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Content archived on 2024-06-11

Multiaxial Textile Performs for Complex Structural Composite Parts


Objectives and content
The transport equipment industry has a very strong interest in light weight constructions resulting from the demand for reductions of fuel consumption and emissions. Another important goal is to minimize maintenance costs. Composites with oriented long fibre reinforcements have shown the highest potential to reach these goals. The ultimate technical objective of the MULTEXCOMP project is to be able to produce lightweight (50% lower than steel), low maintenance (50% of present) complex shaped composite structural parts at acceptable costs for transport equipment and sporting goods.
To be able to use long fibre reinforcement economically-and to improve damage resistance, near-net shaped integral preforms are needed. These can be produced by the textile technologies which are to be developed in the project: braiding, weft and warp knitting, weaving and two types of stitching. Demonstrator parts have been defined that represent common design problems in various application areas: aeronautics (demo-part is a helicopter gearbox subassembly), marine (demo-parts are hull segment and underwater parts), automotive (demo-parts are spaceframe components) and sporting goods (demo-parts are lugs, helmets and wheels for bicycles).
The consortium consists of a large transport equipment company (Daimler Benz), a helicopter manufacturer (Eurocopter), a company specialized in composite shipbuilding (Intermarine), a manufacturer of flat bed knitting machines (Stoll), an industrial group specialised in aeronautic and aerospace technologies (Aerospatiale), a supplier of warp-knitted materials (Müller), a supplier of weaves (CTMI), two universities (KU Leuven and Uni. d. Zaragoza) and a sporting goods part manufacturer (Bicompor).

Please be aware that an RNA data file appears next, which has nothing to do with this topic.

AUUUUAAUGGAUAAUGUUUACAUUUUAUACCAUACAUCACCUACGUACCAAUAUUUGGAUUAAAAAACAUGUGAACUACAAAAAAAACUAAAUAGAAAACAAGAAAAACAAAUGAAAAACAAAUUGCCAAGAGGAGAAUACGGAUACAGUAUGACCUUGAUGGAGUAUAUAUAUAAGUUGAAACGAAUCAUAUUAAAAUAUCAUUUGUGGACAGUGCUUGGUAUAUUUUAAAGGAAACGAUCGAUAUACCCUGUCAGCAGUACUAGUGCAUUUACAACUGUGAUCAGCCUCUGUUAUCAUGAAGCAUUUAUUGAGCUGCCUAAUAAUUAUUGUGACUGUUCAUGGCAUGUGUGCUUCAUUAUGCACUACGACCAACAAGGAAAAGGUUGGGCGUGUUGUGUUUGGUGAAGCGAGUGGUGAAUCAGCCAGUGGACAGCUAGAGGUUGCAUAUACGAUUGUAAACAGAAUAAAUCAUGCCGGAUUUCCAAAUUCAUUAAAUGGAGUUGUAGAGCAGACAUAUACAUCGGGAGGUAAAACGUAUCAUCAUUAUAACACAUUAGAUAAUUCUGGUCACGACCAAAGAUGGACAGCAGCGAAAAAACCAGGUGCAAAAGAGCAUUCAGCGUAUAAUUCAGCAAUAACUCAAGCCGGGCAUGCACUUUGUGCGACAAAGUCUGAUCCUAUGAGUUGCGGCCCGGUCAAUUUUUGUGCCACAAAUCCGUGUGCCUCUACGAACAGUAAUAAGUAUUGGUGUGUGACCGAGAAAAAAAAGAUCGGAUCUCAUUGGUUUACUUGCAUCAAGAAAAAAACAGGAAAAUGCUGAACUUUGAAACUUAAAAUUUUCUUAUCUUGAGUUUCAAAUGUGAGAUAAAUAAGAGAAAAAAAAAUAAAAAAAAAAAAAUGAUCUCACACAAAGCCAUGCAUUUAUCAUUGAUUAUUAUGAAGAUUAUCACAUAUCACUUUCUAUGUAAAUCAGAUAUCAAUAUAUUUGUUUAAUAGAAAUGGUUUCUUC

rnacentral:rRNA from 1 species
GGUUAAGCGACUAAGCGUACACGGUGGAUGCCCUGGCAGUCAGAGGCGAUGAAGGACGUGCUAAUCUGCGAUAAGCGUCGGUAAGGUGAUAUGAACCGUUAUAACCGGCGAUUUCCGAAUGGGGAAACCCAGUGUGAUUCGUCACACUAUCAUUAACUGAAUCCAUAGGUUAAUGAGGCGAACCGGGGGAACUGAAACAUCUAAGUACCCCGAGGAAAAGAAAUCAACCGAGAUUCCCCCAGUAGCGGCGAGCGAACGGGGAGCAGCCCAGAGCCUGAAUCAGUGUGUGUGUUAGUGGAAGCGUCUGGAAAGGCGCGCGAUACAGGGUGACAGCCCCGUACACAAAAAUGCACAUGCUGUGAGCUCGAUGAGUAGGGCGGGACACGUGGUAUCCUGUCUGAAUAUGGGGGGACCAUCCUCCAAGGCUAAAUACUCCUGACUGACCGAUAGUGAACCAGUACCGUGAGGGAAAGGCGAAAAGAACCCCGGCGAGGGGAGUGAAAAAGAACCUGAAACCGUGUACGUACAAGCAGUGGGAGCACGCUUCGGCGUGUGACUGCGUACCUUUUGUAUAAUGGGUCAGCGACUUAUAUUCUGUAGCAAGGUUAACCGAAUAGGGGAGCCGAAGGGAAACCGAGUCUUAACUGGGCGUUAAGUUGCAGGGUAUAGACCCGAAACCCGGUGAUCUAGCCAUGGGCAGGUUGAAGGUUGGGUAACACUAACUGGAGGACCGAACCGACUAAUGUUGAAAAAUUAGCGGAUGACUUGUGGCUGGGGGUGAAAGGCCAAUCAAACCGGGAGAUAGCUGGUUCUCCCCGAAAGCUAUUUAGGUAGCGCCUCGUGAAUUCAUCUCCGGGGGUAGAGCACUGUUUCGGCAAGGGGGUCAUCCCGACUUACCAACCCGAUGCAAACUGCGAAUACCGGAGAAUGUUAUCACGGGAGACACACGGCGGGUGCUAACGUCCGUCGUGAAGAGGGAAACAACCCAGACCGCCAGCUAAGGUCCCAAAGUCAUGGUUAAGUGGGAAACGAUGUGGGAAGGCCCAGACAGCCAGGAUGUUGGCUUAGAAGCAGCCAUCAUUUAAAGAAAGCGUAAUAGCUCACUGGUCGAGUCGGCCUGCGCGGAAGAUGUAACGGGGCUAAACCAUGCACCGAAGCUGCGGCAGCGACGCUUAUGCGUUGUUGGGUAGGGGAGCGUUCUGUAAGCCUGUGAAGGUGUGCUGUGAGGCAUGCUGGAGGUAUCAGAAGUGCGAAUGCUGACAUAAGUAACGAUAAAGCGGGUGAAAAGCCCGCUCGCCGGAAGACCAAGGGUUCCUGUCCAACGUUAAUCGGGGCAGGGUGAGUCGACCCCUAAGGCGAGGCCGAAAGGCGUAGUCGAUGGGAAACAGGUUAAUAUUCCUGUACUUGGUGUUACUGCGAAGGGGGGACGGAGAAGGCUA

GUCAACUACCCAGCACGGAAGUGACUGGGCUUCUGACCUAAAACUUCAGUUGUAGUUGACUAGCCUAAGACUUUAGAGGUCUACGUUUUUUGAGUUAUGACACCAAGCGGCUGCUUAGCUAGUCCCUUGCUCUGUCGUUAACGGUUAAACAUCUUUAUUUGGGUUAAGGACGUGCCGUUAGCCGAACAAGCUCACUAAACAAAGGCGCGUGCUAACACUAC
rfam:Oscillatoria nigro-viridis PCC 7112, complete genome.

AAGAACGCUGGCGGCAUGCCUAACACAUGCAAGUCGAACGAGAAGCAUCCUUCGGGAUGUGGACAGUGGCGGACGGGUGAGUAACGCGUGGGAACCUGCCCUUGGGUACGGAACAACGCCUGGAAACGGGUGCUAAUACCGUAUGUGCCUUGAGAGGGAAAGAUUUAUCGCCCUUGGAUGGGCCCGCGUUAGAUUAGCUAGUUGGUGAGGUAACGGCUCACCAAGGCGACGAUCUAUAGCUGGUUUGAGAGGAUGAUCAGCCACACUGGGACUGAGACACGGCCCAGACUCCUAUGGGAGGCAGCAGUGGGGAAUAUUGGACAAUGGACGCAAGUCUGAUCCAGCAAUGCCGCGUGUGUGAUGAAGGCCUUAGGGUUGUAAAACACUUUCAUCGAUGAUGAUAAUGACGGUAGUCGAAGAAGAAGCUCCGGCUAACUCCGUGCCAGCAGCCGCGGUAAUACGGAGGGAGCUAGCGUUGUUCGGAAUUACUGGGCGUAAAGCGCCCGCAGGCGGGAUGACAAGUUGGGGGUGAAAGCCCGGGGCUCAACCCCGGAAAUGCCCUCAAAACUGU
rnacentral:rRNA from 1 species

The project structure consists of the combination of technology and application development: 6 state-of-the-art textile technologies are developed together with 10 demonstrator parts in which textile preforms are to be used. Textile development is highly interactive with part development. Textile technologies compete for some applications, and are combined in others. The part and technology development is supported by characterization through testing of textile preform samples, micromechanical modelling of textile structures and by macromechanical modelling of parts in which these textile preforms are used (based on FEM analysis with the micromechanically modelled unit cells). The work is strongly related to the two other RTD lines: micromechanical modelling supports the textile technology development by better insight in the misrostructures and macromechanical modelling / design tool development supports the part design and optimization.

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Participants (9)